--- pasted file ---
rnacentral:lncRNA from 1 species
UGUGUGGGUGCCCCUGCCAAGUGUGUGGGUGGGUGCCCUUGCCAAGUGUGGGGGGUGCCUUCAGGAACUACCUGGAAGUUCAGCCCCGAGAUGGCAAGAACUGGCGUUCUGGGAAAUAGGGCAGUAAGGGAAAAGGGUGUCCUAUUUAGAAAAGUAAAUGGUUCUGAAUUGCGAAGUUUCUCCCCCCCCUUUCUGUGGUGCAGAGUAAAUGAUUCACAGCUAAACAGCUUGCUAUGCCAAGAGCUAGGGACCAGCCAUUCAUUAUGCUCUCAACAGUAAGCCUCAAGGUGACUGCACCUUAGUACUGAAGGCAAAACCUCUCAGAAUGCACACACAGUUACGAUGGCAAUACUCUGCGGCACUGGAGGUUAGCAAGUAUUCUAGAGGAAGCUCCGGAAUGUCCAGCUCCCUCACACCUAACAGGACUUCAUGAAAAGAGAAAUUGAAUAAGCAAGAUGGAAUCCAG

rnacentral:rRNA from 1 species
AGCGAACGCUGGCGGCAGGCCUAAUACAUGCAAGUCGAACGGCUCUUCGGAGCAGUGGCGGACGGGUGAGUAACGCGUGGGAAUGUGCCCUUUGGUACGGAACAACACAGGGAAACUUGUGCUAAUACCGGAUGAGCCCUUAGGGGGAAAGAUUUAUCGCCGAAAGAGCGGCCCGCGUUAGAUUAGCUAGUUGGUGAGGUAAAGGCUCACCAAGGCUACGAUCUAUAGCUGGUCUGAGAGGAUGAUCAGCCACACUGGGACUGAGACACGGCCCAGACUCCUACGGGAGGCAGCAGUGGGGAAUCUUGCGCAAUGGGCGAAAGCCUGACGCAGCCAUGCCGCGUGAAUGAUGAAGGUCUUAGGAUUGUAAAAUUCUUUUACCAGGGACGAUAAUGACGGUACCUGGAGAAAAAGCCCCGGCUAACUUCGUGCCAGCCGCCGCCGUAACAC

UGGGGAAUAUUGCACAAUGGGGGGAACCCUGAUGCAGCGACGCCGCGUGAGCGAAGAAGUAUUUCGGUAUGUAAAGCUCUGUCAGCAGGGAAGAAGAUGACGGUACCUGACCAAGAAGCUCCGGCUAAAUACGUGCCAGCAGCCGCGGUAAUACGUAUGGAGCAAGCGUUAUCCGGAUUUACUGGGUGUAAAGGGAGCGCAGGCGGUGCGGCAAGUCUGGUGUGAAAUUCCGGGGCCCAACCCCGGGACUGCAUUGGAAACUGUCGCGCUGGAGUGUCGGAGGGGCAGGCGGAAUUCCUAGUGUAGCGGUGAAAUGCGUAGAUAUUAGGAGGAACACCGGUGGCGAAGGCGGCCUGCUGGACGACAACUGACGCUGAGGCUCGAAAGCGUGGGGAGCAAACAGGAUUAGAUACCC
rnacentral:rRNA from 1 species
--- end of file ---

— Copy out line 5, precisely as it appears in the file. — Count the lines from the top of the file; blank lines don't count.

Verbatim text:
UGGGGAAUAUUGCACAAUGGGGGGAACCCUGAUGCAGCGACGCCGCGUGAGCGAAGAAGUAUUUCGGUAUGUAAAGCUCUGUCAGCAGGGAAGAAGAUGACGGUACCUGACCAAGAAGCUCCGGCUAAAUACGUGCCAGCAGCCGCGGUAAUACGUAUGGAGCAAGCGUUAUCCGGAUUUACUGGGUGUAAAGGGAGCGCAGGCGGUGCGGCAAGUCUGGUGUGAAAUUCCGGGGCCCAACCCCGGGACUGCAUUGGAAACUGUCGCGCUGGAGUGUCGGAGGGGCAGGCGGAAUUCCUAGUGUAGCGGUGAAAUGCGUAGAUAUUAGGAGGAACACCGGUGGCGAAGGCGGCCUGCUGGACGACAACUGACGCUGAGGCUCGAAAGCGUGGGGAGCAAACAGGAUUAGAUACCC